Not only did this unfortunate little girl of 14 lose her mother to murder and her father to suicide, but the story related that she “tiptoed to her door and opened it when she heard her father and mother arguing. She saw them struggling over a shotgun. She saw shooting.” The article goes on to say that the mother and father had argued previously over the husband’s desire for his wife to “follow the European way by staying home.”

From a genealogy perspective, this article not only provided quite a bit of information on the deaths of the parents, but also informed me of the jobs of those parents, that they only had the one child, gave the name of the grandmother, and the home address that matched their listing in the 1940 U.S. Census.

Girl (Corrine Charvat), Orphaned by Murder, Suicide, Is Shock Victim, Plain Dealer newspaper article 21 July 1951

Plain Dealer (Cleveland, Ohio), 21 July 1951, page 4

Joseph Kapl & Minnie the Elephant

There are also the extremely humorous stories you find occasionally. One of my all-time favorite funny stories that I discovered in the newspapers was this 1915 article titled “I Fed Her; I Petted Her; I Trusted Her; But Never Again!” This story detailed how my ancestor, Joseph Kapl, was a zookeeper who was entrusted with the care of Minnie the elephant at the old Brookfield Zoo in Cleveland, Ohio. It seems that Joseph was attacked and almost trampled by this elephant! Now there is a story you don’t read every day in your genealogy! You can read more about this humorous family story in my previous blog post “Family Search Uncovers Circus Elephant Story.”

article about zookeeper Joseph Kapl, Plain Dealer newspaper article 23 March 1915

Plain Dealer (Cleveland, Ohio), 23 March 1915, page 4

From Banking to WWII

There are also some wonderful articles that I have found in newspapers’ Business Section that are filled with valuable family history information. One example I found is this 1943 article, which continued my work on my Kapl family line. This old news article provided me with some very nice details regarding the career of Joseph H. Kapl, who was the son of the zookeeper. It seems that Joseph must have decided that banking would be safer than dealing with elephants!

Kapl Is Head of Branch, Plain Dealer newspaper article 8 January 1943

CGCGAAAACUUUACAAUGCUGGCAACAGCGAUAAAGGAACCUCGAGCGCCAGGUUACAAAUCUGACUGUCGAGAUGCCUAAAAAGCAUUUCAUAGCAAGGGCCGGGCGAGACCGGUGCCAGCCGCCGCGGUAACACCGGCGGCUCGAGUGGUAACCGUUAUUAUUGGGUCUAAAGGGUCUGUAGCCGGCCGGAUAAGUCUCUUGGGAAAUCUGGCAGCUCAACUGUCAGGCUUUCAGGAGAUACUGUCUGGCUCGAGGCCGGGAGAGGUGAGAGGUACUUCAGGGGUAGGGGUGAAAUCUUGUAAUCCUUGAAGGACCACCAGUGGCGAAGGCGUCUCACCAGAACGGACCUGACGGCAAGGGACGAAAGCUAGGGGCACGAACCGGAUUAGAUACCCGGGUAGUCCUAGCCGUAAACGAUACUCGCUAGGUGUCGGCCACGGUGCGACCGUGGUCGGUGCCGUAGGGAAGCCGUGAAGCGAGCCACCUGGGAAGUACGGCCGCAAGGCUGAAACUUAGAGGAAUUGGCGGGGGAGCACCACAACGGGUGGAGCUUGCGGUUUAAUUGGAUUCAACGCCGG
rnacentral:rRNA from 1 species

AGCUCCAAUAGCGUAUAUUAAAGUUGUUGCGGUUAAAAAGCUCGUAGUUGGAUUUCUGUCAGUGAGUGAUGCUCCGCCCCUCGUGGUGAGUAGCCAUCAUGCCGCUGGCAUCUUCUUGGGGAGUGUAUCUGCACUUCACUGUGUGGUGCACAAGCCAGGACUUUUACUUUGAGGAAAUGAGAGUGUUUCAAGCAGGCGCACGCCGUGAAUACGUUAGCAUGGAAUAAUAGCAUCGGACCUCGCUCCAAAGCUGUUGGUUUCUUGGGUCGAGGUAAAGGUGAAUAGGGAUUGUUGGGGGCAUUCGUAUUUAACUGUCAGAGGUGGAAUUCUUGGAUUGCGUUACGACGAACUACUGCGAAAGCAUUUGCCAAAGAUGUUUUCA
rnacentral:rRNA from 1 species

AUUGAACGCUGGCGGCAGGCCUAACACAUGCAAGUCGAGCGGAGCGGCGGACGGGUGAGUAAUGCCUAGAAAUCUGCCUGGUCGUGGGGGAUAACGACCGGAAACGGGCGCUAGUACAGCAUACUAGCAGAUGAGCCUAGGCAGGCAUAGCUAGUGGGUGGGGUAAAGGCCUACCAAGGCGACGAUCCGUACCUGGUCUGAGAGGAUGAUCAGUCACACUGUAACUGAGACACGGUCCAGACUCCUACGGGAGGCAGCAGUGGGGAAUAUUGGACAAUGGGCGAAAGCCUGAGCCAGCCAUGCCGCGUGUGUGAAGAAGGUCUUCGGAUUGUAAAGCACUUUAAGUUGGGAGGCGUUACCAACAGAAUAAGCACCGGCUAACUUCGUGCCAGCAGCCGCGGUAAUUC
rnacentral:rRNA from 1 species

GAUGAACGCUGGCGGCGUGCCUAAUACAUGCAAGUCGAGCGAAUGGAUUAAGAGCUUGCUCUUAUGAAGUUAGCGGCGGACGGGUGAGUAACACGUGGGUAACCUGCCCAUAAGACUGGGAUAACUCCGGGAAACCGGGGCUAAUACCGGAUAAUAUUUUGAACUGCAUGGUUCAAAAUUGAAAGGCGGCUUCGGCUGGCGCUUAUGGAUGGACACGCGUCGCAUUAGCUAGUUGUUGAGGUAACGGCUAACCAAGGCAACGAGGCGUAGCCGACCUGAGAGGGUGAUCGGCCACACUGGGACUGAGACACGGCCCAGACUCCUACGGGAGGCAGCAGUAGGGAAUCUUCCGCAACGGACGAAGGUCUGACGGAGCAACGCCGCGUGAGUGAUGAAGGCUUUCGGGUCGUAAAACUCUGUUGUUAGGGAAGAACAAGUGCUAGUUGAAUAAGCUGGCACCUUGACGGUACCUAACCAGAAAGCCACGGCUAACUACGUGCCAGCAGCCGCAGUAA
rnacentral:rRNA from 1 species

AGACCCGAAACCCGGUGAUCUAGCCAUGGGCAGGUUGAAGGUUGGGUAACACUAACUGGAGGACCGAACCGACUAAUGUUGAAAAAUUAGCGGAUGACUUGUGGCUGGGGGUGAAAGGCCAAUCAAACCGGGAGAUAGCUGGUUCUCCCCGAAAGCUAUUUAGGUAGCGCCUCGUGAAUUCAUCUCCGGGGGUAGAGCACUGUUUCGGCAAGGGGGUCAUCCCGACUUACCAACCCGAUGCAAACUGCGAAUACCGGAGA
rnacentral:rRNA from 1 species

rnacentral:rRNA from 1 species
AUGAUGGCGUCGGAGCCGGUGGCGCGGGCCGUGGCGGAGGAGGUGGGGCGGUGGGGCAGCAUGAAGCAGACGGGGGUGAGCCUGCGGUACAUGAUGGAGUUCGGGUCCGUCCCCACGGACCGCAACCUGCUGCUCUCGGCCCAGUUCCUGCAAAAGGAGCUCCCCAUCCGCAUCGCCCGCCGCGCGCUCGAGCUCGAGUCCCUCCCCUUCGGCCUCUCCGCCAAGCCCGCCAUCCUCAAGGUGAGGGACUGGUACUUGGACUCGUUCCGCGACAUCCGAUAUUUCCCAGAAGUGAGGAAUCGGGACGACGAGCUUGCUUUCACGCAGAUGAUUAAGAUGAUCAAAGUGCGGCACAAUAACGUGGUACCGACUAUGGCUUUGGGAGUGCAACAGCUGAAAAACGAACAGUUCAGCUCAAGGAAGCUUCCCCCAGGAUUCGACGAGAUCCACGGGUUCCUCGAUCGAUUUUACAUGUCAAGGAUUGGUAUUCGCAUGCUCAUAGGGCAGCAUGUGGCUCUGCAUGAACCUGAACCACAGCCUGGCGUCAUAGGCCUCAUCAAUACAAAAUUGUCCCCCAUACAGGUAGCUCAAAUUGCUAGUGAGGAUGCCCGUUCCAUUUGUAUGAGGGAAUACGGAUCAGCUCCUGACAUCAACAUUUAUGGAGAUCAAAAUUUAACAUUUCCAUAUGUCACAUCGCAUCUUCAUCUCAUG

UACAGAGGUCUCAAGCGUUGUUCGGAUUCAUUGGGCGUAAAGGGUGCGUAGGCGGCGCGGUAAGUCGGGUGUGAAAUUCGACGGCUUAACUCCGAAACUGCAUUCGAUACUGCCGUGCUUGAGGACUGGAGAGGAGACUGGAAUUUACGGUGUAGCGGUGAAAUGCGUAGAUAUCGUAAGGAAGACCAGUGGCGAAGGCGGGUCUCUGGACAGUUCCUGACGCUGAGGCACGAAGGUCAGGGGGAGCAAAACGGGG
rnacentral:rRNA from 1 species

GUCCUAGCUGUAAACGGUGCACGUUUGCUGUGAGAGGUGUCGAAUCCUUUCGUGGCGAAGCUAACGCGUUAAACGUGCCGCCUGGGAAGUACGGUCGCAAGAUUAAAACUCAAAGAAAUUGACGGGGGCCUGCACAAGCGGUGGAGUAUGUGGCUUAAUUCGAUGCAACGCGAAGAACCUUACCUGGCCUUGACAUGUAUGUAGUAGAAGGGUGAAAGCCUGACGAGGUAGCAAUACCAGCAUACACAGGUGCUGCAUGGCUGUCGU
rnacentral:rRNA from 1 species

Plain Dealer (Cleveland, Ohio), 8 January 1943, page 9

Going back further in time, I learned about another ancestor from this 1896 newspaper article. In this historical news article I discovered that my great grandfather, Joseph Vicha, was an officer of the Central Labor Union—and he not only addressed a crowd of striking garment workers in Cleveland, but he did it in “Bohemian.” All key pieces of information for our family tree.

article about Joseph Vicha, Plain Dealer newspaper article 27 April 1896

Plain Dealer (Cleveland, Ohio), 27 April 1896, page 10

Even an apparently mundane newspaper article can hold genealogy treasures for us as well. This 1942 article about registration for WWII included a list of inductees from the previous week, which included one of my cousins, Allan R. Evenden. This tidbit of information allowed me to begin researching his military records for our family tree.

article about WWII registration of soldiers, Plain Dealer newspaper article 5 April 1942

Plain Dealer (Cleveland, Ohio), 5 April 1942, page 33

Grandma’s Letter in the Cleaning Column

Another article I discovered even caused me to chuckle a bit. This 1961 article came with the pretty bland title of “Bleach Ineffective on Cement Spots.” It just goes to show you never know where in the newspaper your ancestor might turn up!

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It turns out that my grandmother, “Nana,” had written in to the cleaning column in the newspaper asking how to remove dark spots in her new cement breezeway. She said in her letter “I thought it needed a good sweeping, but I have scrubbed with soap and swept, but it is no different.” I actually laughed out loud when I read that since my mind went back to my many visits to my grandmother’s home, at her request, to apply yet another of her home remedies combined with lots of elbow grease to try and get those spots out of her new cement. I guess Nana was using the equivalent of the Royal “we” when she said “she” scrubbed and swept those spots.

Bleach Ineffective on Cement Spots, Plain Dealer newspaper article 2 September 1961

Plain Dealer (Cleveland, Ohio), 2 September 1961, page 41